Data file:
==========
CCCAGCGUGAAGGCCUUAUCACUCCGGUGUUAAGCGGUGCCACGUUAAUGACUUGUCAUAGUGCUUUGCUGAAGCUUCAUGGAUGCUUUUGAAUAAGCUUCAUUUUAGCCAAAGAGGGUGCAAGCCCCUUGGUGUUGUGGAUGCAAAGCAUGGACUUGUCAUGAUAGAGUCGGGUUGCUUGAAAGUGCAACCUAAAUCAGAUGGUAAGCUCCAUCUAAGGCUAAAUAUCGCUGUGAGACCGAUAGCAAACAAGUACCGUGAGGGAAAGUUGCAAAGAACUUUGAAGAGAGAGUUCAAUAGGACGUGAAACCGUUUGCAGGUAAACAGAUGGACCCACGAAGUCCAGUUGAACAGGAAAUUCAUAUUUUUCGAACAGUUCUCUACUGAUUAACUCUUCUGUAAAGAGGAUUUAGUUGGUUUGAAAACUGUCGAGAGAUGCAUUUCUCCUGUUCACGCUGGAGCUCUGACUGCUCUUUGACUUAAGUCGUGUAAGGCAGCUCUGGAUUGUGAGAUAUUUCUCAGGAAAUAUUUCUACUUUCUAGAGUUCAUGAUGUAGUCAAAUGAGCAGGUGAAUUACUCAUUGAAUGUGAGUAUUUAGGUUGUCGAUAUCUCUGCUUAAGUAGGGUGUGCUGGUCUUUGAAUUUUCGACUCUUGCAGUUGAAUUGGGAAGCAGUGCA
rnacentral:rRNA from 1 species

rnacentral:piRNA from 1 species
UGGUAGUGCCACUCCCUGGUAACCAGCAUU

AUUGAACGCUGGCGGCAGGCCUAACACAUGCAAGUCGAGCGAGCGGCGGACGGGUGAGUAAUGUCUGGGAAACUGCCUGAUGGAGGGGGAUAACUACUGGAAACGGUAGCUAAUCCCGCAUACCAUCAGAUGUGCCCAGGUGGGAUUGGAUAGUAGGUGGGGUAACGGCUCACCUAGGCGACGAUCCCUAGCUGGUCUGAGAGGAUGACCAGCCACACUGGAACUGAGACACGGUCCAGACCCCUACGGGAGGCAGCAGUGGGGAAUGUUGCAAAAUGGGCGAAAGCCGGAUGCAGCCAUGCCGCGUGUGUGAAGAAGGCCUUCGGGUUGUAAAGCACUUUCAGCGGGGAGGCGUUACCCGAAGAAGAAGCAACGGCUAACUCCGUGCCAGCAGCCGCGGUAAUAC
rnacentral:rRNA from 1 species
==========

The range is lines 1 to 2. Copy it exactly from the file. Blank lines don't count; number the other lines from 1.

CCCAGCGUGAAGGCCUUAUCACUCCGGUGUUAAGCGGUGCCACGUUAAUGACUUGUCAUAGUGCUUUGCUGAAGCUUCAUGGAUGCUUUUGAAUAAGCUUCAUUUUAGCCAAAGAGGGUGCAAGCCCCUUGGUGUUGUGGAUGCAAAGCAUGGACUUGUCAUGAUAGAGUCGGGUUGCUUGAAAGUGCAACCUAAAUCAGAUGGUAAGCUCCAUCUAAGGCUAAAUAUCGCUGUGAGACCGAUAGCAAACAAGUACCGUGAGGGAAAGUUGCAAAGAACUUUGAAGAGAGAGUUCAAUAGGACGUGAAACCGUUUGCAGGUAAACAGAUGGACCCACGAAGUCCAGUUGAACAGGAAAUUCAUAUUUUUCGAACAGUUCUCUACUGAUUAACUCUUCUGUAAAGAGGAUUUAGUUGGUUUGAAAACUGUCGAGAGAUGCAUUUCUCCUGUUCACGCUGGAGCUCUGACUGCUCUUUGACUUAAGUCGUGUAAGGCAGCUCUGGAUUGUGAGAUAUUUCUCAGGAAAUAUUUCUACUUUCUAGAGUUCAUGAUGUAGUCAAAUGAGCAGGUGAAUUACUCAUUGAAUGUGAGUAUUUAGGUUGUCGAUAUCUCUGCUUAAGUAGGGUGUGCUGGUCUUUGAAUUUUCGACUCUUGCAGUUGAAUUGGGAAGCAGUGCA
rnacentral:rRNA from 1 species